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Re: node disjoint and SRLG (was: questions on draft-bryant-ipfrr-tunnels

Subject: Re: node disjoint and SRLG was: questions on draft-bryant-ipfrr-tunnels-01.txt
From: mike shand
Date: Tue, 23 Nov 2004 16:26:55 +0000
At 10:58 23/11/2004 -0500, Alia Atlas wrote:

The percentage that is missing is then those that require a single primary tunnel for repair? These are the number for repair for node failure?
Yes, this is all node failure

sec %   df%     LFA%
0.79%   4.6%    69.4%

So what this tells us is that 69% of the repair paths required didn't need a tunnel (to get to the nnh), so 31% did require a tunnel. Of these 4.6% need DF as well, and 0.8% required a secondary repair (which itself may have been satisfied by LFA or required DF).

I'm trying to get a sense of what the benefit from LFA is versus the tunnels versus the DF versus the secondary, etc. I'm interested in the different benefits for link protection and for node protection.

I may have some numbers for link protection....

I should probably re-run the simulations with some better stats, but these will do for now.
LFA     DF
82%     1%
78%     12%
73%     20%
89%     1%
79%     0%
78%     1%

All give 100% protection if DF is used where necessary. Of course secondaries are not necessary for link repair (except perhaps for the case of SRLG).
SO what this

LFA     DF
82%     1%

means is that 82% of links can be repaired without using tunnels. 18% require tunnels and these are split with 17% not requiring DF and 1% requiring DF.

In a somewhat related question, I understand that you are using a next-next-hop to proxy for destinations.

Is it possible that you miss a viable LFA to a destination because of this? I.e., the neighbor may be LFA with respect to the destination but not the next-next-hop?
Yes, but that is why I say that in practice we skim the LFA reachable
destinations off the top, since that computation falls out of the rest.
That way we only tunnel traffic that HAS to be tunnelled. It would of
course work if we put this traffic in the tunnel, but it seems sensible to
avoid using a tunnel where possible.

Also, how do you handle the ECMP cases where you may have multiple next-next-hops (even from the same next-hop)? That seems like a per-destination decision.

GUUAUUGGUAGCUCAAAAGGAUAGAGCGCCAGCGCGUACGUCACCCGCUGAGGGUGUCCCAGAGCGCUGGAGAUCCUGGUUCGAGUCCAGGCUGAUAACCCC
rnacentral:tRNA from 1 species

OK, so you have


Traffic for destination D is split through X and Y. You have a choice. If you want to preserve (some semblance of) the ECMP, then you split the traffic between the repair for X and the repair for Y. Or you can simply arbitrarily choose either of X or Y. You have to determine which nnh is used for which destination anyway to do the traffic assignment to the correct repair even when there is no ECMP. You can do this by noting the nnh when you run the normal SPF at S.


At 04:40 AM 11/23/2004, mike shand wrote:
Alia, these may not be in the form you would like (but since I have them to hand....).
These are the same networks as before. df% is the percentage of repairs
which required directed forwarding (the same as before, the fraction of
individual repairs which needed DF). LFA% is the percentage which simply
used LFA (i.e. no tunnels)
Note that is no tunnels for ALL traffic. This doesn't mean that this is
the percentage of traffic which would not be tunnelled. That would be
much higher, since we can easily do per destination LFA determination.
In case that is not clear, let me elaborate for the simple link failure
case. We can compute a repair for the failure of SE. Sometimes we can
repair ALL traffic (even that with a destination of E) by using LFA.
Other times we will need a tunnel to get to E. However, in that case, we
can compute the set of destinations which have LFAs, and we would only
use the tunnel for the remaining traffic. Of course it would
theoretically be possible to compute different tunnels for different
destinations, but that is not computational feasible.

sec %   df%     LFA%
0.79%   4.6%    69.4%
13.77%  41.9%   45.5%
3.98%   19.1%   66.3%
1.47%   1.2%    59.3%
0.50%   1.3%    79.4%
4.64%   1.3%    61.9%
0.00%   0.0%    62.6%

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